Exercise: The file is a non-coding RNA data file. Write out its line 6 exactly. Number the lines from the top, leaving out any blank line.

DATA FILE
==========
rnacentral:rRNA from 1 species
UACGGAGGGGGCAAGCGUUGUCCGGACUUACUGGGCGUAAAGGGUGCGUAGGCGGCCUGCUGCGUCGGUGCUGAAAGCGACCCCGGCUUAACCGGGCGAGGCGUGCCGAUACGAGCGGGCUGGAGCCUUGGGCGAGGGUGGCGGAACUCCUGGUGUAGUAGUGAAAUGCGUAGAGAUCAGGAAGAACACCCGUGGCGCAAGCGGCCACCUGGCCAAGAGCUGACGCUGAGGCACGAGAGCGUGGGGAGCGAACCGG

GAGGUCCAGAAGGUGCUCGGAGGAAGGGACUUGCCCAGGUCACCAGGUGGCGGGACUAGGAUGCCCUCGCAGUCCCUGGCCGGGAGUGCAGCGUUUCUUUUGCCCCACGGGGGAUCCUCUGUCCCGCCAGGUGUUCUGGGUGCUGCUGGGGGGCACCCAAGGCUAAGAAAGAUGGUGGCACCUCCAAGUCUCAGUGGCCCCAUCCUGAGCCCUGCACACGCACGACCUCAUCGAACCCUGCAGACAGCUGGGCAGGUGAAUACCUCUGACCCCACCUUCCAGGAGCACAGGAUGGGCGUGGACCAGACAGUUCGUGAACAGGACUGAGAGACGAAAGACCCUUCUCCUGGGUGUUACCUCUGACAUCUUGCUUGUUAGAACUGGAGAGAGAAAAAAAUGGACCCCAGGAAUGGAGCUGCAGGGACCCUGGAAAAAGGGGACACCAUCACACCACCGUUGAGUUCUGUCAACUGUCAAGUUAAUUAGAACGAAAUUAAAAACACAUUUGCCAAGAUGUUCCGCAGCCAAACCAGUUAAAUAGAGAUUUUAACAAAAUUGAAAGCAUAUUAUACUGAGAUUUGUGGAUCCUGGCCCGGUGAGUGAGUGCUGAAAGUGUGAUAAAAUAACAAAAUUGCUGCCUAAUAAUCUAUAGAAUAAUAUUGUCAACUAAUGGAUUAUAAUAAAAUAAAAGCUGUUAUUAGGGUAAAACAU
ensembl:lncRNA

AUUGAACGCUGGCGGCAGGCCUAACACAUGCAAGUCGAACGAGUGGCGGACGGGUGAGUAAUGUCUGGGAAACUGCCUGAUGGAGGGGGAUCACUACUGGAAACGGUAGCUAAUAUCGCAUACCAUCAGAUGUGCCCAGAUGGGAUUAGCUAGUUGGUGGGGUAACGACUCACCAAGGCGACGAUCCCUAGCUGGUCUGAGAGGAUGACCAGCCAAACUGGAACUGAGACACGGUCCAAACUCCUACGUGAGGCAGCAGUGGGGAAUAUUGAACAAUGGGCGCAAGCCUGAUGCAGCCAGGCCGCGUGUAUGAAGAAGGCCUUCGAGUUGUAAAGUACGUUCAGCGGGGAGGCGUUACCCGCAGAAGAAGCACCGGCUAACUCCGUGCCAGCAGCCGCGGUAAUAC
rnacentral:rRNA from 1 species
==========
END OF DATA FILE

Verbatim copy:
rnacentral:rRNA from 1 species